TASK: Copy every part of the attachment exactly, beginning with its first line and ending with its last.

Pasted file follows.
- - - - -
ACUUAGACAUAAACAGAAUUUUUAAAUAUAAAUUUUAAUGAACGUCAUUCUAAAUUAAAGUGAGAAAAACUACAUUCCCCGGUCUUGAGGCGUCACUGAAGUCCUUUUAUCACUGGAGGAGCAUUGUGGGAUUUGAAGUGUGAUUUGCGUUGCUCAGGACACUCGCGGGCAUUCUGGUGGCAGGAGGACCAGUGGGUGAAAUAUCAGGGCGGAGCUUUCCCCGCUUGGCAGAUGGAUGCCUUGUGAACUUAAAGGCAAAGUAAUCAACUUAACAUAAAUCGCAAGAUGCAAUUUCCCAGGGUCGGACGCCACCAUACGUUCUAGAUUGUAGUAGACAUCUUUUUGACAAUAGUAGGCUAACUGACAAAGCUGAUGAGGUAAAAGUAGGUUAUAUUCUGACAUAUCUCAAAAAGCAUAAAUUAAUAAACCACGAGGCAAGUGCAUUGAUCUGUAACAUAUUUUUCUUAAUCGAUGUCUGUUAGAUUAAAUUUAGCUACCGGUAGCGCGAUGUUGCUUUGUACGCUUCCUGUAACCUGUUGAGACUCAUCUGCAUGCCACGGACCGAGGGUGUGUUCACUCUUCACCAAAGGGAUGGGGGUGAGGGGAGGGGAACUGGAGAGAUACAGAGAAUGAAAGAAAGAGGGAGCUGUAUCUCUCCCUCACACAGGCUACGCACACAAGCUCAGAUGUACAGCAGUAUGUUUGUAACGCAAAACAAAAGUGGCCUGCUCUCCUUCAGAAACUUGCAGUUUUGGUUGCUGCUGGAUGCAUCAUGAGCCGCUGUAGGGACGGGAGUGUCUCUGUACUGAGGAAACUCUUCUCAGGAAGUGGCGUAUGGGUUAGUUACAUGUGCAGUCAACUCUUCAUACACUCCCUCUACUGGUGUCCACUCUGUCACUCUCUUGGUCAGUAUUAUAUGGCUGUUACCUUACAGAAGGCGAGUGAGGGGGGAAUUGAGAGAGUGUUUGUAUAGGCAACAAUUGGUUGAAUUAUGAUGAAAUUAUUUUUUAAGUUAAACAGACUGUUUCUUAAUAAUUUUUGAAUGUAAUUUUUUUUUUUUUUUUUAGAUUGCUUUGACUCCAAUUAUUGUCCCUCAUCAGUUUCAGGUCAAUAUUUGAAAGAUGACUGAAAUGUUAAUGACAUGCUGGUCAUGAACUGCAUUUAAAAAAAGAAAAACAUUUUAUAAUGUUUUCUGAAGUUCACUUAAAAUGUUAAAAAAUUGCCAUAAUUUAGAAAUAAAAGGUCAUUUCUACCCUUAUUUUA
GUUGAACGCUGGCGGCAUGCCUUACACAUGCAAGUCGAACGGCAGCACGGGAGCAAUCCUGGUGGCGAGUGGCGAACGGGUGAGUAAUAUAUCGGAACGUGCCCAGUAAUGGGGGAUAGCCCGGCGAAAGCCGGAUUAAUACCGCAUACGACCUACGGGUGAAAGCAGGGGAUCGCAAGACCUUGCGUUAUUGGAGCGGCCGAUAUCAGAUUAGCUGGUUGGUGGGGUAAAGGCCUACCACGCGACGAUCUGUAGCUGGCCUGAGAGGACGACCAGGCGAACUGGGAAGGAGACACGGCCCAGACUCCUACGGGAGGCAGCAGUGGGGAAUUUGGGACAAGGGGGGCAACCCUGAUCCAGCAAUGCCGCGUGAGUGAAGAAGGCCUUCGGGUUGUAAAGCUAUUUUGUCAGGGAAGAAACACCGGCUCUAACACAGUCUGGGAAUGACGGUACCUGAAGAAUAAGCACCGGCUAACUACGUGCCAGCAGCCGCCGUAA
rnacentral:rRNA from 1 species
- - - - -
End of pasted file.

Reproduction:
ACUUAGACAUAAACAGAAUUUUUAAAUAUAAAUUUUAAUGAACGUCAUUCUAAAUUAAAGUGAGAAAAACUACAUUCCCCGGUCUUGAGGCGUCACUGAAGUCCUUUUAUCACUGGAGGAGCAUUGUGGGAUUUGAAGUGUGAUUUGCGUUGCUCAGGACACUCGCGGGCAUUCUGGUGGCAGGAGGACCAGUGGGUGAAAUAUCAGGGCGGAGCUUUCCCCGCUUGGCAGAUGGAUGCCUUGUGAACUUAAAGGCAAAGUAAUCAACUUAACAUAAAUCGCAAGAUGCAAUUUCCCAGGGUCGGACGCCACCAUACGUUCUAGAUUGUAGUAGACAUCUUUUUGACAAUAGUAGGCUAACUGACAAAGCUGAUGAGGUAAAAGUAGGUUAUAUUCUGACAUAUCUCAAAAAGCAUAAAUUAAUAAACCACGAGGCAAGUGCAUUGAUCUGUAACAUAUUUUUCUUAAUCGAUGUCUGUUAGAUUAAAUUUAGCUACCGGUAGCGCGAUGUUGCUUUGUACGCUUCCUGUAACCUGUUGAGACUCAUCUGCAUGCCACGGACCGAGGGUGUGUUCACUCUUCACCAAAGGGAUGGGGGUGAGGGGAGGGGAACUGGAGAGAUACAGAGAAUGAAAGAAAGAGGGAGCUGUAUCUCUCCCUCACACAGGCUACGCACACAAGCUCAGAUGUACAGCAGUAUGUUUGUAACGCAAAACAAAAGUGGCCUGCUCUCCUUCAGAAACUUGCAGUUUUGGUUGCUGCUGGAUGCAUCAUGAGCCGCUGUAGGGACGGGAGUGUCUCUGUACUGAGGAAACUCUUCUCAGGAAGUGGCGUAUGGGUUAGUUACAUGUGCAGUCAACUCUUCAUACACUCCCUCUACUGGUGUCCACUCUGUCACUCUCUUGGUCAGUAUUAUAUGGCUGUUACCUUACAGAAGGCGAGUGAGGGGGGAAUUGAGAGAGUGUUUGUAUAGGCAACAAUUGGUUGAAUUAUGAUGAAAUUAUUUUUUAAGUUAAACAGACUGUUUCUUAAUAAUUUUUGAAUGUAAUUUUUUUUUUUUUUUUUAGAUUGCUUUGACUCCAAUUAUUGUCCCUCAUCAGUUUCAGGUCAAUAUUUGAAAGAUGACUGAAAUGUUAAUGACAUGCUGGUCAUGAACUGCAUUUAAAAAAAGAAAAACAUUUUAUAAUGUUUUCUGAAGUUCACUUAAAAUGUUAAAAAAUUGCCAUAAUUUAGAAAUAAAAGGUCAUUUCUACCCUUAUUUUA
GUUGAACGCUGGCGGCAUGCCUUACACAUGCAAGUCGAACGGCAGCACGGGAGCAAUCCUGGUGGCGAGUGGCGAACGGGUGAGUAAUAUAUCGGAACGUGCCCAGUAAUGGGGGAUAGCCCGGCGAAAGCCGGAUUAAUACCGCAUACGACCUACGGGUGAAAGCAGGGGAUCGCAAGACCUUGCGUUAUUGGAGCGGCCGAUAUCAGAUUAGCUGGUUGGUGGGGUAAAGGCCUACCACGCGACGAUCUGUAGCUGGCCUGAGAGGACGACCAGGCGAACUGGGAAGGAGACACGGCCCAGACUCCUACGGGAGGCAGCAGUGGGGAAUUUGGGACAAGGGGGGCAACCCUGAUCCAGCAAUGCCGCGUGAGUGAAGAAGGCCUUCGGGUUGUAAAGCUAUUUUGUCAGGGAAGAAACACCGGCUCUAACACAGUCUGGGAAUGACGGUACCUGAAGAAUAAGCACCGGCUAACUACGUGCCAGCAGCCGCCGUAA
rnacentral:rRNA from 1 species